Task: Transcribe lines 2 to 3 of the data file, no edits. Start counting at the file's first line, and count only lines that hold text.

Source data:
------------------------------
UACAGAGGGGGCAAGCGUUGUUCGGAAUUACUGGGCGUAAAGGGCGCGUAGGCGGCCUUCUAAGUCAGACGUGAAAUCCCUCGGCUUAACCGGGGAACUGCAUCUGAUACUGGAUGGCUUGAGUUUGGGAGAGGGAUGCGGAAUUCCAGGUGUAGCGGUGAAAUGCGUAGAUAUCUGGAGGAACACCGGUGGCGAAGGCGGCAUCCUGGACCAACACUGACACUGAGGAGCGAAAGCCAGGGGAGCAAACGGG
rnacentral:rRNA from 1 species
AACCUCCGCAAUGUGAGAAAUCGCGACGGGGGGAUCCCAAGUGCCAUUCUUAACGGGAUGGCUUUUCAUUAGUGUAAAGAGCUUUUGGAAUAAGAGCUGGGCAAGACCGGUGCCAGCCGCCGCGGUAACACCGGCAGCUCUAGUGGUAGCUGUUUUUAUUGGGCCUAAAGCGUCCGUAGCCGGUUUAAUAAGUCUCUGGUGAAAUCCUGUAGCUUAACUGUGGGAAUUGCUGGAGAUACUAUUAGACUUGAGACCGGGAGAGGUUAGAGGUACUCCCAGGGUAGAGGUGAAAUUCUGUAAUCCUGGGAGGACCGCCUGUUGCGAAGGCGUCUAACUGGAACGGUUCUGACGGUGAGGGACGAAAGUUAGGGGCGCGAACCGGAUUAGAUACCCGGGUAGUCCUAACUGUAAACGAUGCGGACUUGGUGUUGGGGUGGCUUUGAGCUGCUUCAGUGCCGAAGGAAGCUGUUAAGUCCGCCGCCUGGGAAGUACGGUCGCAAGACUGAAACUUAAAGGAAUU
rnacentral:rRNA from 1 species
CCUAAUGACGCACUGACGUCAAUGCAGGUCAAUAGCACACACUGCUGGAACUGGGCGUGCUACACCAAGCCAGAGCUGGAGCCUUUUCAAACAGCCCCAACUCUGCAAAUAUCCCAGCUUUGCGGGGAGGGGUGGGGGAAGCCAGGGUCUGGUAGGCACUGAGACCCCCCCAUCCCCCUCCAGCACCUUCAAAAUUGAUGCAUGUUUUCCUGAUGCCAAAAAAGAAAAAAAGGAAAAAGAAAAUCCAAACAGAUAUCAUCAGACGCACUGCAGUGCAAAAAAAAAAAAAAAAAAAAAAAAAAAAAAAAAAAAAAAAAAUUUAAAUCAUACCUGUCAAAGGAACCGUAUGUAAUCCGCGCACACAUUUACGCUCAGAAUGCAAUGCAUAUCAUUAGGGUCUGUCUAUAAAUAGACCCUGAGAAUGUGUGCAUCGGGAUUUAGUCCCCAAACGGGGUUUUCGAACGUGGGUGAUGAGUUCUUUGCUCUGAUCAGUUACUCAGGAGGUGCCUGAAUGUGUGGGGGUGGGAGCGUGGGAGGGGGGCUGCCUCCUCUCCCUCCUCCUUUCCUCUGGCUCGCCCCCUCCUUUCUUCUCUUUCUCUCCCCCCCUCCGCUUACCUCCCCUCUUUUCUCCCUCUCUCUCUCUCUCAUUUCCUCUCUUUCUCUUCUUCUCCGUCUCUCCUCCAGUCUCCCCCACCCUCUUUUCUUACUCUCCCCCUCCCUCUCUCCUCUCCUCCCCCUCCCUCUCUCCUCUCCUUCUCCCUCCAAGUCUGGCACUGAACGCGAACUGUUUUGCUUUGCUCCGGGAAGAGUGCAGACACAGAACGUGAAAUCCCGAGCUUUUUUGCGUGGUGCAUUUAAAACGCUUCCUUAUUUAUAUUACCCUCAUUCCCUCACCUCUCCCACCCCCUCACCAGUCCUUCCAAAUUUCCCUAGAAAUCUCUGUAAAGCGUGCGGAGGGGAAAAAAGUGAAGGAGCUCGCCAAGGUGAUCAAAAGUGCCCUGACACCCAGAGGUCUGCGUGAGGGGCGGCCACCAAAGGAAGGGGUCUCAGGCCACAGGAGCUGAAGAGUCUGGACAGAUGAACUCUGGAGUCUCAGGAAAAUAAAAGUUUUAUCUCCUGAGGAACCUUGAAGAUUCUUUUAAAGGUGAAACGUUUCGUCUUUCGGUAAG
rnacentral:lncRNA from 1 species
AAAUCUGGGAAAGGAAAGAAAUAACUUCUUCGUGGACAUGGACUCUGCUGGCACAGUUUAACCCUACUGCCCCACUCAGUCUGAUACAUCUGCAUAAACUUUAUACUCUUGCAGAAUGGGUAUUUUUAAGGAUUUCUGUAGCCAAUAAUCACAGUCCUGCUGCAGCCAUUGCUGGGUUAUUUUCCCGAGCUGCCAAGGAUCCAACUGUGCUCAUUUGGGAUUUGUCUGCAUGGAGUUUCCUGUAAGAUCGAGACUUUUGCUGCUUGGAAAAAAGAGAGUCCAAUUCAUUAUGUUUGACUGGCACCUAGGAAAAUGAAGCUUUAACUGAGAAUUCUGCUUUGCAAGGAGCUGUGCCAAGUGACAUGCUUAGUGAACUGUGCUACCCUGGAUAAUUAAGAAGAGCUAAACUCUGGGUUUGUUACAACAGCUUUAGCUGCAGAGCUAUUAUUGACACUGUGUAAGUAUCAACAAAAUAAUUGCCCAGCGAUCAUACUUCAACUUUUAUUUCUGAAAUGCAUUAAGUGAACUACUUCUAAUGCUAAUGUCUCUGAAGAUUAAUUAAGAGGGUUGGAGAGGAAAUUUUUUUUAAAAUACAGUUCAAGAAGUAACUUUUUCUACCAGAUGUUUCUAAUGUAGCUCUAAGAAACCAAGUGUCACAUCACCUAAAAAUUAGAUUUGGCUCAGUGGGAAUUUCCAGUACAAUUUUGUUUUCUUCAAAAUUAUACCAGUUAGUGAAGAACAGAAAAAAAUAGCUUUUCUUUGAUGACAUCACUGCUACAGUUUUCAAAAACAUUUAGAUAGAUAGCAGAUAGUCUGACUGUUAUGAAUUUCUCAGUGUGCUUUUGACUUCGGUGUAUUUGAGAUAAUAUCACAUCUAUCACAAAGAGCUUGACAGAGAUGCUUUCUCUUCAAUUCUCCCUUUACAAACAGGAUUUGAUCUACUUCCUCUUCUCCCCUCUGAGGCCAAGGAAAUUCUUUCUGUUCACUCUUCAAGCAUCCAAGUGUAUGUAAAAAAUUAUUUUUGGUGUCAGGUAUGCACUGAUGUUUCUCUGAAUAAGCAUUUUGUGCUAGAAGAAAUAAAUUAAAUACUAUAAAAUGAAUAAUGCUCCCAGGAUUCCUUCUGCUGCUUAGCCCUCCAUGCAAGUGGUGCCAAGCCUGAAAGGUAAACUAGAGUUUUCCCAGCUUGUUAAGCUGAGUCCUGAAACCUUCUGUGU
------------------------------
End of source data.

rnacentral:rRNA from 1 species
AACCUCCGCAAUGUGAGAAAUCGCGACGGGGGGAUCCCAAGUGCCAUUCUUAACGGGAUGGCUUUUCAUUAGUGUAAAGAGCUUUUGGAAUAAGAGCUGGGCAAGACCGGUGCCAGCCGCCGCGGUAACACCGGCAGCUCUAGUGGUAGCUGUUUUUAUUGGGCCUAAAGCGUCCGUAGCCGGUUUAAUAAGUCUCUGGUGAAAUCCUGUAGCUUAACUGUGGGAAUUGCUGGAGAUACUAUUAGACUUGAGACCGGGAGAGGUUAGAGGUACUCCCAGGGUAGAGGUGAAAUUCUGUAAUCCUGGGAGGACCGCCUGUUGCGAAGGCGUCUAACUGGAACGGUUCUGACGGUGAGGGACGAAAGUUAGGGGCGCGAACCGGAUUAGAUACCCGGGUAGUCCUAACUGUAAACGAUGCGGACUUGGUGUUGGGGUGGCUUUGAGCUGCUUCAGUGCCGAAGGAAGCUGUUAAGUCCGCCGCCUGGGAAGUACGGUCGCAAGACUGAAACUUAAAGGAAUU